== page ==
Saturday, December 06, 2014

Two utterly related films

A bargain basement Grapes of Wrath, Three Faces West (Bernard Vorhaus, 1940) follows Dr. Braun (Charles Coburn) and his daughter, Leni (Sigrid Gurie, the Norwegian Garbo; check out her curiously intimate IMDB biography), two refugees from Hitler, to the States where they offer their services to a small town ravaged by unforgiving Dust Bowl winds and drought. Leni immediately despises the town's shabby living conditions and is determined to leave the following morning. But Dr. Braun's humanitarian impulses win out and Leni soon falls in love with John Phillips (John Wayne), a farmer who will lead the town to reportedly greener pastures in Oregon.

For the first half of this solid-plus effort from Republic, Vorhaus exhibits a leisureliness that should please Ford fans. For instance, it takes almost half an hour in a 75-minute film for Dr. Braun to make the final decision to stay in the town. That leaves time for a love triangle and a rogue farmer battling The Duke for power en route to Oregon. The triangle is extinguished in a rushed denouement which is a tad disorienting. But the speed up serves to underline the formation of the heterosexual at the end as the arbitrary imperative that it is, always a welcome reminder.
Best part occurs when John takes on the Soil Conservation Division of the Department of Agriculture which deems his town "doomed": "You can't shove us around to match pretty pins on your maps. We're not swivel chair farmers. And we're not licked yet!" He'll have none of that bureaucracy! But of course, they are licked and John's humbled capitulation to moving west makes this a very different kind of western (which to some might mean it's no kind of western at all).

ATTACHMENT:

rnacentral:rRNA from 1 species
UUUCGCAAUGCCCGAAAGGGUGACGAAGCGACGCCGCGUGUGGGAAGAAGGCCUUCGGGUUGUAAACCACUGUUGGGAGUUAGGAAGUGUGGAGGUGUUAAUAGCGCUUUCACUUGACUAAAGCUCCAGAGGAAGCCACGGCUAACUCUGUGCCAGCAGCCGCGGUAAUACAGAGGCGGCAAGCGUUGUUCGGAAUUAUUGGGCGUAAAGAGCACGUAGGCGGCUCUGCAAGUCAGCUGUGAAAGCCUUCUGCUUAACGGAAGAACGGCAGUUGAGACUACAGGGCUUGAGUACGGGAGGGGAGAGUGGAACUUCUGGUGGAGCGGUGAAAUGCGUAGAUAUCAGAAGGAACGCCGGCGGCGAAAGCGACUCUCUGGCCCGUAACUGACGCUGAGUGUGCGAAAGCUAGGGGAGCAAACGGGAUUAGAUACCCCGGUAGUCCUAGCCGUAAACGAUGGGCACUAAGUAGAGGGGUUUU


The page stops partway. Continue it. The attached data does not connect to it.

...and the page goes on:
As per the cynical practice of so much exploitation cinema, The Wild, Wild World of Jayne Mansfield (Charles W. Broun Jr., Joel Holt, Arthur Knight, 1968) is a Frankenstein's monster of a film. Slapped together to capitalize on Mansfield's car crash death in 1967, it's a sleazy mondo film comprised of abandoned footage from another mondo film shot in 1964 called Jayne Mansfield Reports Europe and filled out with scenes from several Mansfield films, new material featuring bad body doubles and eliciting Kuleshov-effect-abusing reaction shots of Mansfield, and, of course, stills of the car crash. I was all prepared to quote the windy, awkwardly phrased, ├╝ber-camp narration from Ms. Mansfield until I discovered that it was performed by her voice dubber Carolyn De Fonseca. Turning Mansfield herself into a Frankstein's monster in this manner brought out the prude in me and I soon lost the humor in (oh ok) such howlers as "The Eiffel Tower......[that's a real pause, by the way] was built in 1889. That's so long ago! And high!" So for me, the chief pleasure was in its glimpses of pre-Stonewall gay life in visits to an "underground" bar and a drag contest as well as some staged cruising.













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